DRC call on Kenya to reconsider its planned closure of the Dadaab Refugee Camp

The Dadaab refugee camp in Kenya has been home to more than 350,000 refugees who have sought refuge for over two decades and have continued to enjoy an accommodative asylum space. The Danish Refugee Council (DRC) urges the Kenyan government to reconsider its announcement that the Dadaab camp should be closed within three months and the camp be relocated to Somalia.
 
 

This decision came in the wake of the tragic attack in Garissa where 147 individuals – mostly students of the Garissa University College were killed and hundreds others injured. DRC takes this opportunity to send our sincere condolences to all the families affected and to all Kenyans. It was indeed an unfortunate event and DRC as a humanitarian agency that has been operating in Kenya since 2005 stands with the people of Kenya.

“While acknowledging the genuine and real threat that Kenya continues to face in regards to terrorism, and the efforts by the government of Kenya to bolster its national security and secure its porous borders with Somalia, the closure of the Dadaab refugee camp would have dire consequences for the hundreds thousands of innocent refugees hosted in the camp,” says Ann Mary Olsen, International Director for the Danish Refugee Council.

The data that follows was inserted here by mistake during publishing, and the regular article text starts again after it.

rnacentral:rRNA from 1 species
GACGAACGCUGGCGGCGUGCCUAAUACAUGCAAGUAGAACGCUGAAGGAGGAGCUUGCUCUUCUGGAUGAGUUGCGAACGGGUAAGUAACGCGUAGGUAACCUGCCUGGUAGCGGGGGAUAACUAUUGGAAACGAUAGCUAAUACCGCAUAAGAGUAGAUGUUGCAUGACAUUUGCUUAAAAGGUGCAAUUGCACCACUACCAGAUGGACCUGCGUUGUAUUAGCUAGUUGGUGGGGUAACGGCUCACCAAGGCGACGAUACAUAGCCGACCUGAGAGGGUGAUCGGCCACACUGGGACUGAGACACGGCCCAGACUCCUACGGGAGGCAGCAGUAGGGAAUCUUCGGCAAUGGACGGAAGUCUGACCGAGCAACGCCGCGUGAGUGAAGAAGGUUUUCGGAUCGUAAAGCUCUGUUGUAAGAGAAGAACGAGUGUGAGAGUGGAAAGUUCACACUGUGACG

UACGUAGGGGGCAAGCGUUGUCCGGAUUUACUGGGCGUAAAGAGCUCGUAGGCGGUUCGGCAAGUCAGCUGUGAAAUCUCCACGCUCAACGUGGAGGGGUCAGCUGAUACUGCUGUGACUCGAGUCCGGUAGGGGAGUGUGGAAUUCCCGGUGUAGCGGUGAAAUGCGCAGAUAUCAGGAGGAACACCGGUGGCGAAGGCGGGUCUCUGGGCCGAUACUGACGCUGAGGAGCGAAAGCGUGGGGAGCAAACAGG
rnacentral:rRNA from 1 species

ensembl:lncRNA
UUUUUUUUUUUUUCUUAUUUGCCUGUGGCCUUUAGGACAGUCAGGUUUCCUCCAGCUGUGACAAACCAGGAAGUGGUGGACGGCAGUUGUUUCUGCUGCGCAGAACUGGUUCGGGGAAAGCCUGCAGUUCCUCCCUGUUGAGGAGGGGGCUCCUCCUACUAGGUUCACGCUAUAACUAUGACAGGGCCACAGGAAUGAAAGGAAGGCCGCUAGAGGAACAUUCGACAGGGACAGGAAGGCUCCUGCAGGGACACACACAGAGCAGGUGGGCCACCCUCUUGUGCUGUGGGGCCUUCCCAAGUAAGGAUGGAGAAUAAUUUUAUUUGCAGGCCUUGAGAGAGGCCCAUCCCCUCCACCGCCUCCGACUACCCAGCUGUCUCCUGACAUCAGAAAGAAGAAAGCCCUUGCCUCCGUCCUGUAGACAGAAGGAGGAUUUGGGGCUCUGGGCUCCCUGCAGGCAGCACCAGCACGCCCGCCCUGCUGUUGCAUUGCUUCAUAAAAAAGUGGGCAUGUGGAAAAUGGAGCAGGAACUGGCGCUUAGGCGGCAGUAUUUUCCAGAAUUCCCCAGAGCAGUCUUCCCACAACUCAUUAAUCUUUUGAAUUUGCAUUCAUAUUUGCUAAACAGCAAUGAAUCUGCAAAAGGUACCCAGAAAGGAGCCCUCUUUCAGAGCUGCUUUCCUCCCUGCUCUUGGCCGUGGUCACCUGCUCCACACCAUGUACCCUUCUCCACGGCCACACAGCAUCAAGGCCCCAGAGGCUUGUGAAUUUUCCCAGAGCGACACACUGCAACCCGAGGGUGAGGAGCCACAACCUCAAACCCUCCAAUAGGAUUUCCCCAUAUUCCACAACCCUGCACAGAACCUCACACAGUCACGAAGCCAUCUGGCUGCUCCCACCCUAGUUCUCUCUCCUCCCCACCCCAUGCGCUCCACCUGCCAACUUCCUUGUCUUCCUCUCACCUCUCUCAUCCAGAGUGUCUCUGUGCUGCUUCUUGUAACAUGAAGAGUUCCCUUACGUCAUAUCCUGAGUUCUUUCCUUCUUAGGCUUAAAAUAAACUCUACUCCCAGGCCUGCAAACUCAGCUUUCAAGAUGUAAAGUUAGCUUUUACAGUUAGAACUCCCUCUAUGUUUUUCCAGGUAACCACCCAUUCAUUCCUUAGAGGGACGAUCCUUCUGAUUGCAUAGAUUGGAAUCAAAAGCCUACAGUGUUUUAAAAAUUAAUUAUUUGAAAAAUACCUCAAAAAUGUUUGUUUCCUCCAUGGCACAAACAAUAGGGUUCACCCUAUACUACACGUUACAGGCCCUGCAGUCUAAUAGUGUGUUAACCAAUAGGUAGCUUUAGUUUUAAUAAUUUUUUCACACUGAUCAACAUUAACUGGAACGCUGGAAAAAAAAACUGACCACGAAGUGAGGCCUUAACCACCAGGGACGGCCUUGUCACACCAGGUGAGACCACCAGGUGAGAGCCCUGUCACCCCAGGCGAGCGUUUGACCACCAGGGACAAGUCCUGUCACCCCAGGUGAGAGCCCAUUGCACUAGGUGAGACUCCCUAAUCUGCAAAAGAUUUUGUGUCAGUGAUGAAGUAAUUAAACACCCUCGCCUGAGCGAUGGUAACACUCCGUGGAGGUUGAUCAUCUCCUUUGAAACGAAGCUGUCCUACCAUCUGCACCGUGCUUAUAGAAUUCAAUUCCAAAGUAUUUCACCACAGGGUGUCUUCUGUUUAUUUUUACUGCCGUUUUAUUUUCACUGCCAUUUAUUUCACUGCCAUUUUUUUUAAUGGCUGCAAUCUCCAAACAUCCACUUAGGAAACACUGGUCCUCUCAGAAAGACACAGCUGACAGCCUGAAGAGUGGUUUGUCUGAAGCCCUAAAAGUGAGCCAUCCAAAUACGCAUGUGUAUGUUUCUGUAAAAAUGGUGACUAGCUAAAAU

The potential return of the many refugees from one the world's largest refugee camp would have both practical and serious humanitarian consequences. In this regard, the Government of Kenya should reconsider its plans to close Dadaab refugee camp and relocate it to Somalia to avoid a breach of Kenya’s international obligations and the risk of exposing Somali refugees to persecution or other serious harm.

“Somalia is currently in a highly volatile and fragile state with a situation of protracted internal displacement. The majority of the Somali refugees hosted in Dadaab originate from South and Central Somalia, regions where conflict continues and an alarming food insecurity is predicted. A mass return of Somalis to these regions would exacerbate the humanitarian situation in Somalia,” says Ann Mary Olsen.

DRC urges the Kenya Government to reconsider its decision following the Tripartite Agreement on the Voluntary Repatriation of Somalis signed on 10th November 2013. In this agreement, the government of Kenya committed to ensuring that any returns of Somali refugees to Somalia would be voluntary, and take place in safety and dignity. Over 2,000 Somali refugees have voluntarily returned under the pilot project returns facilitated by the UNHCR and the government of Kenya.

“DRC hopes that the government of Kenya will continue to dialogue with UNHCR and humanitarian partners in the spirit of finding durable solutions for the refugees, which is what we all hope for. As a Non-Governmental Organization actively working within the Dadaab camp, DRC remains committed to support the Kenyan government in the protection of the refugees,” says Ann Mary Olsen.

DRC has been working in Dadaab refugee camp since 2005 and has been implementing WASH, livelihood and protection interventions in the refugee camps within the Dadaab complex.